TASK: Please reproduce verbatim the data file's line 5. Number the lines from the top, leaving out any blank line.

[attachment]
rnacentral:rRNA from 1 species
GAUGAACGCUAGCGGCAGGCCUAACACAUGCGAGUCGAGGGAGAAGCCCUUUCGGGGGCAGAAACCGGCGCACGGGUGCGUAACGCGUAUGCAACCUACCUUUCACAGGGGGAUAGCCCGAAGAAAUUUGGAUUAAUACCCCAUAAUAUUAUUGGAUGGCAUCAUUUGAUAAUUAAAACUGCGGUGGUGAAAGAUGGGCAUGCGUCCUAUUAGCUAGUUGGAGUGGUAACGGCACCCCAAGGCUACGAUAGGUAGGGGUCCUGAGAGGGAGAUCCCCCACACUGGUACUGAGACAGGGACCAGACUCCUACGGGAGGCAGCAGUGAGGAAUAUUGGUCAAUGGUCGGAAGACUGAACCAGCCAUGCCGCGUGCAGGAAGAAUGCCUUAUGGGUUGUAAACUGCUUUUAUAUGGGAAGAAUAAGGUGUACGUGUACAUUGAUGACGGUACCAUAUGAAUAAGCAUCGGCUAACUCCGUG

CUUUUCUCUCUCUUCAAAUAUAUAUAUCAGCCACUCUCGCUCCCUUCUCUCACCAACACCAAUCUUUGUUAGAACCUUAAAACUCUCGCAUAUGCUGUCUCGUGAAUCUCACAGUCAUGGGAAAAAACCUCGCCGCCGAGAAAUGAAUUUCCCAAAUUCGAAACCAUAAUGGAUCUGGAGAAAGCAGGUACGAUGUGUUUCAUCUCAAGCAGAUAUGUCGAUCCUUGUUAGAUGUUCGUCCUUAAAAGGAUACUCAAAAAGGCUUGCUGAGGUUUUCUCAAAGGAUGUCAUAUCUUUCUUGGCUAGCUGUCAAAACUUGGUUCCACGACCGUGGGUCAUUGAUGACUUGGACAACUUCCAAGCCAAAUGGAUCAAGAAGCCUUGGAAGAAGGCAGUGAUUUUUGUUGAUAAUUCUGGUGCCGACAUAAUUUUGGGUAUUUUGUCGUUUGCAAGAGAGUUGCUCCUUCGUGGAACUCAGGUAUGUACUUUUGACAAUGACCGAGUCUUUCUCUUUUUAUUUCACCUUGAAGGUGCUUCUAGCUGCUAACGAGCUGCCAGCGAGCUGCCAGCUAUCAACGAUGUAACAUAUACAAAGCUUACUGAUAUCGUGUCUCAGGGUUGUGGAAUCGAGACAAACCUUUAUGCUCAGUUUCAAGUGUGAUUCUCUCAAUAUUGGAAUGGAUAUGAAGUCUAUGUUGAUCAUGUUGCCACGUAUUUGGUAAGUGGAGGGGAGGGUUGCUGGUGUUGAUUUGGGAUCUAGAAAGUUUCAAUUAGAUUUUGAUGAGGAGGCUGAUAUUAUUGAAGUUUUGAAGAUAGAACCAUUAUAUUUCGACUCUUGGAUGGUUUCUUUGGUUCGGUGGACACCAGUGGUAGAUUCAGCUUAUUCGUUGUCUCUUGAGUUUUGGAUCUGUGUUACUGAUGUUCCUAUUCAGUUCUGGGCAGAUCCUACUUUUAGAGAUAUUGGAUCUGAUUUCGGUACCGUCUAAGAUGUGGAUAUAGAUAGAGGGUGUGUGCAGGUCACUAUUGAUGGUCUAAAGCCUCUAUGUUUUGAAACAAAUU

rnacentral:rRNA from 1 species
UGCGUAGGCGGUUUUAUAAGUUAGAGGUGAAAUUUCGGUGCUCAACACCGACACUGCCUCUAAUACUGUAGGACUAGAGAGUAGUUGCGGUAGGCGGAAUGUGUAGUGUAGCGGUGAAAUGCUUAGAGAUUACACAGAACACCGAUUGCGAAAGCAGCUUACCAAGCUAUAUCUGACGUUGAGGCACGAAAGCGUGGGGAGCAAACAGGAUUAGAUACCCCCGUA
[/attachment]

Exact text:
UGCGUAGGCGGUUUUAUAAGUUAGAGGUGAAAUUUCGGUGCUCAACACCGACACUGCCUCUAAUACUGUAGGACUAGAGAGUAGUUGCGGUAGGCGGAAUGUGUAGUGUAGCGGUGAAAUGCUUAGAGAUUACACAGAACACCGAUUGCGAAAGCAGCUUACCAAGCUAUAUCUGACGUUGAGGCACGAAAGCGUGGGGAGCAAACAGGAUUAGAUACCCCCGUA